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The future of financial conduct regulation

03 May 2019

Andrew Bailey, Chief Executive of the FCA, gave a speech about the the future of financial conduct regulation, at Bloomberg, London. He started by saying: “You may quite reasonably think that a title of ‘The future of financial conduct regulation’ is overly dramatic in an environment where we have quite enough drama in the world of public policy thank you very much. Or, you may think that it is typical of a regulator to over promise and under deliver. We shall see, but it is a reasonable ask that I should start by explaining why this subject and why now?”

Mission statement

Let me go back to 2017 when we published the FCA Mission statement, which continues to be the centrepiece, the glue, that holds together our approach to the large landscape of activity that the FCA covers to meet its statutory objectives. It shapes our culture too, for example we have re-done our statement of values in the light of The Mission. What we did with The Mission was to set out a much-needed framework to explain and interpret why we regulate conduct across the markets for finance. At the heart of it was a very simple point – but simple is I believe a source of strength – that we always and only regulate in the public interest, and we must always and only do just that.

We have therefore set out to explain how we interpret the public interest in the light of the objectives given to us in statute by Parliament. And, we also recognise that while those objectives are timeless, or should be, how we put them into practice will change with time as the world around us changes. The public interest is therefore our anchor, and it needs to be a strong one.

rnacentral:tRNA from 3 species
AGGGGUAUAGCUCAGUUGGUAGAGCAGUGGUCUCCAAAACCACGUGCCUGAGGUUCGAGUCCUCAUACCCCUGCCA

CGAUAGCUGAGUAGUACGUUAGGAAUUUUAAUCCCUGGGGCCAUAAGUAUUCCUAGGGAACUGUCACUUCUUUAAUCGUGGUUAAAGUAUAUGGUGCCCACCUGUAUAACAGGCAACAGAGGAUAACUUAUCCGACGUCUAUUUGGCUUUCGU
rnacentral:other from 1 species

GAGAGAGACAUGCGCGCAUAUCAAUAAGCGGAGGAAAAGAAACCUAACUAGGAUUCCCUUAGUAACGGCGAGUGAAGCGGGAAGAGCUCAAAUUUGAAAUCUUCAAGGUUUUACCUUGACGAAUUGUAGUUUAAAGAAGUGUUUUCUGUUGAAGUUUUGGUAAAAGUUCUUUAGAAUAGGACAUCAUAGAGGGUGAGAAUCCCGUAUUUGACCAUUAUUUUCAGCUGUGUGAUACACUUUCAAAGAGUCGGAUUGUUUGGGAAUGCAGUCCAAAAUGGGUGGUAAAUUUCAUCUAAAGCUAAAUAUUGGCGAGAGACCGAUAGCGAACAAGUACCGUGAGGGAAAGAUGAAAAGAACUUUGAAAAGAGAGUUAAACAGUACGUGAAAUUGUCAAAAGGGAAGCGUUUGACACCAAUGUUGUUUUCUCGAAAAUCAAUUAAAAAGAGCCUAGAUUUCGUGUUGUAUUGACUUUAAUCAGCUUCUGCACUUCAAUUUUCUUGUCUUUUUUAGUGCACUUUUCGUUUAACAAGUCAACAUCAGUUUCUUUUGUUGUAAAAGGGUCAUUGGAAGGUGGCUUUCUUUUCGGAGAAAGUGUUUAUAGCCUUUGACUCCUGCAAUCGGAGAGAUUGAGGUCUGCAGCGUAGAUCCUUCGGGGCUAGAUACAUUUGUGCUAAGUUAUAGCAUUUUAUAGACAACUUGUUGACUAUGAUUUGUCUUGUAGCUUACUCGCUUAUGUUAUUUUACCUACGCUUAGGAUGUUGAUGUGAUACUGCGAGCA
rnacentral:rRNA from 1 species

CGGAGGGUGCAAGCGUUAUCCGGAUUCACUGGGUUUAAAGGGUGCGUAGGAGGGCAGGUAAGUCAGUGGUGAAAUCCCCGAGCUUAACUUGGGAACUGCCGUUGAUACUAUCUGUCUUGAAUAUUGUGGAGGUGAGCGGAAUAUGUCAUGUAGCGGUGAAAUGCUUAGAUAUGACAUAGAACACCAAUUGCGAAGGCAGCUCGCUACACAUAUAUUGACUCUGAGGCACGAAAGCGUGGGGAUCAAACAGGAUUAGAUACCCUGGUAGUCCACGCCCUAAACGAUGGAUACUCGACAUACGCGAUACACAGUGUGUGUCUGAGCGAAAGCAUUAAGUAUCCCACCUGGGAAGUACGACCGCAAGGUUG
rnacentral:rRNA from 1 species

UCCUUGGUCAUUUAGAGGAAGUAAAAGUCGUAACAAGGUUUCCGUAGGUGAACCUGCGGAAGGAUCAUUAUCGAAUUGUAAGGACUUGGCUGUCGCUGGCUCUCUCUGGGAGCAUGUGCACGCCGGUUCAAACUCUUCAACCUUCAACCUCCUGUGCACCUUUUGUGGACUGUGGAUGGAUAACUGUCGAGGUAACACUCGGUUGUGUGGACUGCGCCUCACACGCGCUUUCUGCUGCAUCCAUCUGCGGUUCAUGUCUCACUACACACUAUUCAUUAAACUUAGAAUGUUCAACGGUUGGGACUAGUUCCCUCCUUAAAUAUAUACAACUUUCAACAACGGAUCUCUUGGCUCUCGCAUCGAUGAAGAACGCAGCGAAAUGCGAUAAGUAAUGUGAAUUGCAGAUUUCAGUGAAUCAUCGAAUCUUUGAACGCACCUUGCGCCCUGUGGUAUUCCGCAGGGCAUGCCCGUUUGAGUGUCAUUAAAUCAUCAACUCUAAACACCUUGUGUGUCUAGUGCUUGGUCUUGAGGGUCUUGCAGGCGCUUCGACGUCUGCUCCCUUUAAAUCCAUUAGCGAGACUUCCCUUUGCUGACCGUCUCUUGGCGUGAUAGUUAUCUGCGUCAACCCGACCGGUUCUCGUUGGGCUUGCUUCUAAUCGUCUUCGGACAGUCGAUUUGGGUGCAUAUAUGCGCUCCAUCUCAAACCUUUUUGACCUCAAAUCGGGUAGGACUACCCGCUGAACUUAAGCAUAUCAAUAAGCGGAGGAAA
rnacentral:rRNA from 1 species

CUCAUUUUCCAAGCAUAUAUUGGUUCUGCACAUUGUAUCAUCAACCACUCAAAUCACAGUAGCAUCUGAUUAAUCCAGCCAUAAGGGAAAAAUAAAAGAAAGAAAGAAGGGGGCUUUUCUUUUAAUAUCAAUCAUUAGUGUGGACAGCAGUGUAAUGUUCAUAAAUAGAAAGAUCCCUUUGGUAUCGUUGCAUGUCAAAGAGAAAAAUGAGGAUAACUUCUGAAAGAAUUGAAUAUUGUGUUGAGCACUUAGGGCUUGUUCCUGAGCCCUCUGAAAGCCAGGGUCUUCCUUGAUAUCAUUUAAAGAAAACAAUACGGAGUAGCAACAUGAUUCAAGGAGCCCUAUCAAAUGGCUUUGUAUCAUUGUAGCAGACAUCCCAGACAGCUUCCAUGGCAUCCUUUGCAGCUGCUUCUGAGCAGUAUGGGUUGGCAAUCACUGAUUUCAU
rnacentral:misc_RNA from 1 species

Objectives should be timeless

I was careful a moment ago to say that our objectives should be timeless, which implies an element of doubt. That’s right, because the record of history indicates that broad attitudes towards public interest regulation have changed in what can appear to be long waves. Those changes can be large and destabilising for both the regulator and the regulated. Prior to the financial crisis, the light touch era reflected a view that a greater emphasis on the private interests of firms, their owners and managers would benefit all and thus the public interest. I tend to call this the ‘rising tide lifts all boats’ view of our world. But it didn’t turn out that way – there were very clear losers, and the scale of that problem has emerged over a long period of time.

Decade of re-regulation

The consequence has been a decade of re-regulation, reversing the long swing. And, this has not been the invention of self-interested regulators alone, far from it. There are very strong public forces pushing for stronger protection in society. If you spend a day or two with my inbox, you will see that writ large.
This can easily result in regulators being cast as the villains of one side of the argument or the other. Indeed, I am always conscious of the need to avoid to resort to the comfort that, if my inbox suggests that I am the villain of both sides, I must be broadly okay. Let me therefore have a go at setting out how I view our stance in this debate on the role of regulation in a big picture sense.
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Read the full version of the speech at the FAC website.

Source: https://www.fca.org.uk/

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